Archived News

Team Waynesville supporter appears to violate federal law

Sherry Morgan distributes campaign literature at the Waynesville Post office on the afternoon of Oct. 27 Sherry Morgan distributes campaign literature at the Waynesville Post office on the afternoon of Oct. 27 Cory Vaillancourt photo

With early voting underway and municipal election races heating up, a supporter of the far-right nativist faction running for various Town of Waynesville offices has been handing out campaign literature at Waynesville’s downtown post office, in apparent violation of federal law.

On the afternoon of Oct. 26, The Smoky Mountain News received multiple complaints about electioneering at the post office on South Haywood Street. Upon further investigation on Oct. 27, SMN encountered Sherry Morgan, of Waynesville, handing out campaign literature for Team Waynesville.

The literature, featuring council candidates Tre Franklin, Peggy Hannah and Stephanie Sutton, as well as mayoral candidate Joey Reece, contains multiple false claims, as outlined in a previous story.

But this time, it’s not about the veracity of their claims — it’s about where, exactly, their supporters disseminate them.

The U.S. Postal Service’s website outlines a strict policy against certain activities taking place on its property, and indeed, all federal property.

“Soliciting alms and contributions, campaigning for election to any public office, collecting private debts, commercial soliciting and vending, displaying or distributing commercial advertising, and collecting signatures on petitions, polls, or surveys (except as otherwise authorized by Postal Service regulations) are prohibited on Postal Service property,” reads the policy.

Related Items

There are some exceptions to the policy, however none of them allow campaigning for public office.

Furthermore, the Code of Federal Regulations outlines conduct on Postal Service property, which applies to “all real property under the charge and control of the Postal Service, to all tenant agencies, and to all persons entering in or on such property.”

Haywood County GIS records show the 2-acre parcel is owned by the United States of America.

The CFR section dealing with the ban on campaigning does not apply to “sidewalks along the street frontage of postal property falling within the property lines of the Postal Service that are not physically distinguishable from adjacent municipal or other public sidewalks.”

The walkway where Morgan was approaching Postal Service customers is physically distinguishable from the sidewalks along South Haywood Street because it’s separated from the public sidewalk by a grassy, landscaped median approximately 8 feet wide.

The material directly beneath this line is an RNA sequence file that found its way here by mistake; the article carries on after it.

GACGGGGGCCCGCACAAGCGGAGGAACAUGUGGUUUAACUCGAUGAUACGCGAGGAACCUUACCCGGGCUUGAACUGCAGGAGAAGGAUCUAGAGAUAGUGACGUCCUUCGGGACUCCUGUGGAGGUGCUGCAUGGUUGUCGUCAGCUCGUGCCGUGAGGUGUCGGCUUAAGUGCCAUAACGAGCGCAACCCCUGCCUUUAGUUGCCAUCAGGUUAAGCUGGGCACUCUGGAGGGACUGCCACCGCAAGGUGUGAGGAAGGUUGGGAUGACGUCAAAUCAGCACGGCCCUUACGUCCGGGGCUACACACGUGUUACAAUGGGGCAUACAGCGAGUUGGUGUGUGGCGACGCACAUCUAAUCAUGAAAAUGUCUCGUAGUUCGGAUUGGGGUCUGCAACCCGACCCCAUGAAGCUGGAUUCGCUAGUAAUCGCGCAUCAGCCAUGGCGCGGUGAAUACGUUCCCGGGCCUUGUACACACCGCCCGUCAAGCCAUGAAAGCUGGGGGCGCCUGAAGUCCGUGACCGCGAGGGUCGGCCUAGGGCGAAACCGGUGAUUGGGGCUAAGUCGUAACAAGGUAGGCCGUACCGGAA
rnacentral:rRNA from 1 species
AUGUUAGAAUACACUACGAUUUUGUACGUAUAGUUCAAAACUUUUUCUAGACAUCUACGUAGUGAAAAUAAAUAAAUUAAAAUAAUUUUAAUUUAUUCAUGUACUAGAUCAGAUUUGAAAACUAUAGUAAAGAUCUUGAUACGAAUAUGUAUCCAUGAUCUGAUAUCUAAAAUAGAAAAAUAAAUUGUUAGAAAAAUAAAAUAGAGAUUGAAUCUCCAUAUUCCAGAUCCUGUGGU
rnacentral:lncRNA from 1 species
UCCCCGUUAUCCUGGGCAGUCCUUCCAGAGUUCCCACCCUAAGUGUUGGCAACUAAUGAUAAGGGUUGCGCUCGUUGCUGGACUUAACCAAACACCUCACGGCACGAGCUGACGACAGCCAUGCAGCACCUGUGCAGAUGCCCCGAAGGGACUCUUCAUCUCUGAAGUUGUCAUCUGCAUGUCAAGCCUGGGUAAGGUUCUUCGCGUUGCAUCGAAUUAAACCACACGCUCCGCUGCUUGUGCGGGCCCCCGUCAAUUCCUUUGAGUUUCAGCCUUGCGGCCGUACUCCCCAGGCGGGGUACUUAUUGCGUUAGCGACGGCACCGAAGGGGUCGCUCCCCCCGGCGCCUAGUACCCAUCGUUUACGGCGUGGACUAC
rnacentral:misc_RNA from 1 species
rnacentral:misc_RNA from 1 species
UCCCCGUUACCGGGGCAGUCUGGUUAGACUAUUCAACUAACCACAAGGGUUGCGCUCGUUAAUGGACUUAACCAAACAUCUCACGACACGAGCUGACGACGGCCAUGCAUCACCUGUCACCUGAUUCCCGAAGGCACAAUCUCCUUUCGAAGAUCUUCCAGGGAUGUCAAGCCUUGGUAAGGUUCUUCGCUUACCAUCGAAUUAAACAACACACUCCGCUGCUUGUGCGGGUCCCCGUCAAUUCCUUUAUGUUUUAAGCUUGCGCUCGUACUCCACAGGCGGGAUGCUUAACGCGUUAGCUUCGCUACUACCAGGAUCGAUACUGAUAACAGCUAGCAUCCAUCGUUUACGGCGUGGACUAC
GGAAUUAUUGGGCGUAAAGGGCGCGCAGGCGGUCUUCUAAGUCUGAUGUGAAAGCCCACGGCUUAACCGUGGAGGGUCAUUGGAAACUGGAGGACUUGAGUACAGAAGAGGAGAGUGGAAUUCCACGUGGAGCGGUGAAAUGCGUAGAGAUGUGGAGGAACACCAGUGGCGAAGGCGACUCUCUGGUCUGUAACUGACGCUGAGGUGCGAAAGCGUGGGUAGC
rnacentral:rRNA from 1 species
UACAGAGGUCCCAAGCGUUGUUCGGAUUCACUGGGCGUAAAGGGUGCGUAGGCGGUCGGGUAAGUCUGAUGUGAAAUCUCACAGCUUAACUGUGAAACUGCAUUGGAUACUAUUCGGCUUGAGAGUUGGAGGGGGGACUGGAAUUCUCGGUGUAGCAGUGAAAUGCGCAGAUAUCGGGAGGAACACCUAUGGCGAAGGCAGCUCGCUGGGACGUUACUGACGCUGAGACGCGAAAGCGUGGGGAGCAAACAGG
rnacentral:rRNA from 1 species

The CFR provision also does not apply to “any paved areas adjacent to such sidewalks that are not physically distinguishable from such sidewalks.”

Again, the walkway used by postal service customers is distinguishable from the public sidewalk not only by the presence of the landscaped median, but also by the fact that it’s several feet higher than the streetside public sidewalk and requires stairs to access from street level.

However, video of the incident captured by SMN shows that Morgan isn’t even standing on a sidewalk or walkway — she’s standing in the mulched landscaping bed directly adjacent to the Postal Service building.

When confronted, Morgan denied wrongdoing.

Phillip Boganburger, a North Carolina-based spokesperson for the Postal Service, refused to answer questions about the incident, including whether Morgan had “permission” to campaign at the post office as some have alleged. Instead, Boganburger simply restated Postal Service policy.

“Political campaigning is prohibited on postal property,” he wrote. “We ask anyone engaging in these activities to comply with federal law and postal policy regarding political campaigning.”


Smokey Mountain News Logo
Go to top
Payment Information


At our inception 20 years ago, we chose to be different. Unlike other news organizations, we made the decision to provide in-depth, regional reporting free to anyone who wanted access to it. We don’t plan to change that model. Support from our readers will help us maintain and strengthen the editorial independence that is crucial to our mission to help make Western North Carolina a better place to call home. If you are able, please support The Smoky Mountain News.

The Smoky Mountain News is a wholly private corporation. Reader contributions support the journalistic mission of SMN to remain independent. Your support of SMN does not constitute a charitable donation. If you have a question about contributing to SMN, please contact us.